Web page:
1.1.3 Role-Based Access Control (RBAC)
Role-Based Access Control49 (RBAC) allows you to define permissions and privileges based on a users functional role within the organization or community. One of the most challenging problems in managing large networked systems is the complexity of security administration. Today, security administration is costly and prone to error because administrators usually specify access control lists for each user on the system individually. Role-based access control (RBAC) is a technology that is attracting increasing attention, particularly for commercial applications, because of its potential for reducing the complexity and cost of security administration in large networked applications.
With RBAC, security is managed at a level that corresponds closely to the organization's structure. Each user is assigned one or more roles, such as human resources rep or accounts payable data entry clerk, and each role is assigned one or more privileges that are permitted to users in that role, such as the right to access certain applications.
Security administration with RBAC consists of determining the operations that must be executed by persons in particular positions, assigning employees to the proper roles, and then granting the required permissions to each role. Complexities introduced by mutually exclusive roles or by role hierarchies are handled by the RBAC software, making security administration easier. Additionally, administrative burdens are reduced because when a user is added or deleted from the system, it is not necessary to go to every access control rule involving that user, and update it. Instead, adding the user to the appropriate roles (or deleting them) automatically includes (or excludes) the user in the appropriate access lists.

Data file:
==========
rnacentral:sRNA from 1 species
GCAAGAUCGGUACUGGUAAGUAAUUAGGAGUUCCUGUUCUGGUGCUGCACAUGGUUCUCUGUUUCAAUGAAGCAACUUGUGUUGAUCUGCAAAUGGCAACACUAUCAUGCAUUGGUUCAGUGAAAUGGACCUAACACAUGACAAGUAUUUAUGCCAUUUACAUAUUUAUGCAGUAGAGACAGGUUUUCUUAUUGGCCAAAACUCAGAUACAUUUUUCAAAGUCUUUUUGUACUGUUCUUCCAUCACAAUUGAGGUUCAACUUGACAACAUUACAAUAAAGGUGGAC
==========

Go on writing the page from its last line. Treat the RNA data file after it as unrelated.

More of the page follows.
Some operating systems, such as UNIX and Windows, implement a degree of role-based security by placing each user into one or more groups defining that users role in the organization, and controlling access to files and other objects by granting permissions to certain groups.
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